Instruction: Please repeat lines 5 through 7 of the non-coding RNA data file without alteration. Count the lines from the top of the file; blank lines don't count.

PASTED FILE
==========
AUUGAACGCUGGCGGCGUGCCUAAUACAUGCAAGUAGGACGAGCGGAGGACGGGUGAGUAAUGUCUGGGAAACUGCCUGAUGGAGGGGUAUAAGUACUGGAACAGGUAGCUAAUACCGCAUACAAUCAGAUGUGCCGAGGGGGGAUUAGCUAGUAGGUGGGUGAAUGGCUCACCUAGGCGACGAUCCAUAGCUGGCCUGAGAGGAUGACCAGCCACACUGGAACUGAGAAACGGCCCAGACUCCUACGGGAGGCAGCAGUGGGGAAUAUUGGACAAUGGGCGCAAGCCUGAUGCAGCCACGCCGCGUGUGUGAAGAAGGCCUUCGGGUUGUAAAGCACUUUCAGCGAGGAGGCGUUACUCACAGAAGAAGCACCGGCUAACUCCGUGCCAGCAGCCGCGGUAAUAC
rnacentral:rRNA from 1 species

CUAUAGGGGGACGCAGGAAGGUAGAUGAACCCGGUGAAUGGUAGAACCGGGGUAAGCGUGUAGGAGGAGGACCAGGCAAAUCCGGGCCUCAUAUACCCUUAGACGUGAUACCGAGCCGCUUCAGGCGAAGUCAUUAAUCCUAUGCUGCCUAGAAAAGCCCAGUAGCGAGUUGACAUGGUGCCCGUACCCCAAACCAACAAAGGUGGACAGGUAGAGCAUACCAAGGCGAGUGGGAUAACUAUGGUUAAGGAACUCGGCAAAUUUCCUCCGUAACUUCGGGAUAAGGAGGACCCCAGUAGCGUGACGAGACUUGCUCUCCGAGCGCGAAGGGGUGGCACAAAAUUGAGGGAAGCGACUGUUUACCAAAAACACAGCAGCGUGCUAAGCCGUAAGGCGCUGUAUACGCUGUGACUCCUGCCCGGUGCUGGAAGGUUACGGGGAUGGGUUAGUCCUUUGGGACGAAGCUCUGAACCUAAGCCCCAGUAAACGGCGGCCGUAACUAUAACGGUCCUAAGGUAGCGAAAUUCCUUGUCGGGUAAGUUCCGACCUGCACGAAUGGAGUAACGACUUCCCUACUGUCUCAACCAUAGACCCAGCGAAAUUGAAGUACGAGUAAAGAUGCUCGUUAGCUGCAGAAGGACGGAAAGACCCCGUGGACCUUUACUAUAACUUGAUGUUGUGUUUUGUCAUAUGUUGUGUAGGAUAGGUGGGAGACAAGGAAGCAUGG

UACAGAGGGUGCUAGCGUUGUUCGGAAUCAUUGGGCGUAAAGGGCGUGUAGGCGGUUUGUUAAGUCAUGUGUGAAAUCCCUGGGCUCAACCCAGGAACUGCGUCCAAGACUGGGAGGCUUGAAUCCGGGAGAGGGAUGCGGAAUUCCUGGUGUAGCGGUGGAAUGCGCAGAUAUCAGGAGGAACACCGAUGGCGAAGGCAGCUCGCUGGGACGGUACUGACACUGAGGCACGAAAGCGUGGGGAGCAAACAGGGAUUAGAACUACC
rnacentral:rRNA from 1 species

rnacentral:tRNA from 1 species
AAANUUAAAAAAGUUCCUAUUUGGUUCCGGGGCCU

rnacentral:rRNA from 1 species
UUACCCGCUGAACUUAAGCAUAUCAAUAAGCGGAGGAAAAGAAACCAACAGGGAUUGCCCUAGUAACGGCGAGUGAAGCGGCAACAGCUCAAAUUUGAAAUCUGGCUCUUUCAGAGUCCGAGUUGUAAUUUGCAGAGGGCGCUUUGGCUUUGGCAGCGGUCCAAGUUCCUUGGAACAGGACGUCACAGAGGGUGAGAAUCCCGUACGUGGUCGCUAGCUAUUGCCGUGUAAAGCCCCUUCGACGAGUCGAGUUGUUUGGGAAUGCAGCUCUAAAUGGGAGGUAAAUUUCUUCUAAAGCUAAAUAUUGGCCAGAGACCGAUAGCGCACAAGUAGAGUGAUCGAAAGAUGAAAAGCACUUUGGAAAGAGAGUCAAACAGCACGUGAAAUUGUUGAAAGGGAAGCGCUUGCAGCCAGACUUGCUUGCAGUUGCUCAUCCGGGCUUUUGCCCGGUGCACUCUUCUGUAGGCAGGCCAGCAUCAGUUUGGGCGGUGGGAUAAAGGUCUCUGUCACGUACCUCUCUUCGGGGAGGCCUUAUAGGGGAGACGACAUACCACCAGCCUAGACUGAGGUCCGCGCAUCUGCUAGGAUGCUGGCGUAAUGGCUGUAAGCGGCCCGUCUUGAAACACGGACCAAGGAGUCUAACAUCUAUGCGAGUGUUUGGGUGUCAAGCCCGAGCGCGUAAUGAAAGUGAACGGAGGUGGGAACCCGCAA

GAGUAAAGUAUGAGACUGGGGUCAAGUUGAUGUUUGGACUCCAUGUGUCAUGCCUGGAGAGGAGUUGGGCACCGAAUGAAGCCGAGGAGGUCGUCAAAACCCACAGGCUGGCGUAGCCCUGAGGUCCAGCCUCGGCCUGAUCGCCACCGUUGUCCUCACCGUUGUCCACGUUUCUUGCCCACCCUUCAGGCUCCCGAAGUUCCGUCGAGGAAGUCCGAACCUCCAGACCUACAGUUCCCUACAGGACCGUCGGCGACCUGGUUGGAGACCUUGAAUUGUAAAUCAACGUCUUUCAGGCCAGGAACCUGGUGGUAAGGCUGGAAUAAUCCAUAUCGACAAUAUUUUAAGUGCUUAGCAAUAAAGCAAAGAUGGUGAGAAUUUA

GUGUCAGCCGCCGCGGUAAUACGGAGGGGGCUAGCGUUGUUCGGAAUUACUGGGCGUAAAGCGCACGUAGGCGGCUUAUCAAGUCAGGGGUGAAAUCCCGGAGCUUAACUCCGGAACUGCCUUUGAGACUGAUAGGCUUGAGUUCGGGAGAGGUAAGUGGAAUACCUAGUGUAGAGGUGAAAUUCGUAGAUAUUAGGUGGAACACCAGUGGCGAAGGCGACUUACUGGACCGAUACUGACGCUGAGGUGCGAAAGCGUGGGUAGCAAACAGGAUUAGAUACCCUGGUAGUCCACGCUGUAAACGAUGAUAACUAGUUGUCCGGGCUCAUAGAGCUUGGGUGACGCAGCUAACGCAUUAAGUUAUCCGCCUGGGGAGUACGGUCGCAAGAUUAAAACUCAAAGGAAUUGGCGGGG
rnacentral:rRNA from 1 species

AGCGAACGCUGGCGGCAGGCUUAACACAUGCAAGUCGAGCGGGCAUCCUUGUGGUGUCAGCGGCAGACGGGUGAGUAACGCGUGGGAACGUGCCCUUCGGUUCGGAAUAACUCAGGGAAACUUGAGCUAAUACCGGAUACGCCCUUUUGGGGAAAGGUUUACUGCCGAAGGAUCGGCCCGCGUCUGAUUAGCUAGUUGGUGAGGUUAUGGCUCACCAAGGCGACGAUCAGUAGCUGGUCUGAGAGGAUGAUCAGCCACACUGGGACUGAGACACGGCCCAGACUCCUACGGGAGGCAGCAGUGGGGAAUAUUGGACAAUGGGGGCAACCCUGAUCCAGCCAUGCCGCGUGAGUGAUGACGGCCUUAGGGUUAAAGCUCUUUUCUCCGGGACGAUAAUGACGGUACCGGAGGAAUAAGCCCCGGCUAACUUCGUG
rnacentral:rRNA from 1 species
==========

rnacentral:rRNA from 1 species

rnacentral:tRNA from 1 species
AAANUUAAAAAAGUUCCUAUUUGGUUCCGGGGCCU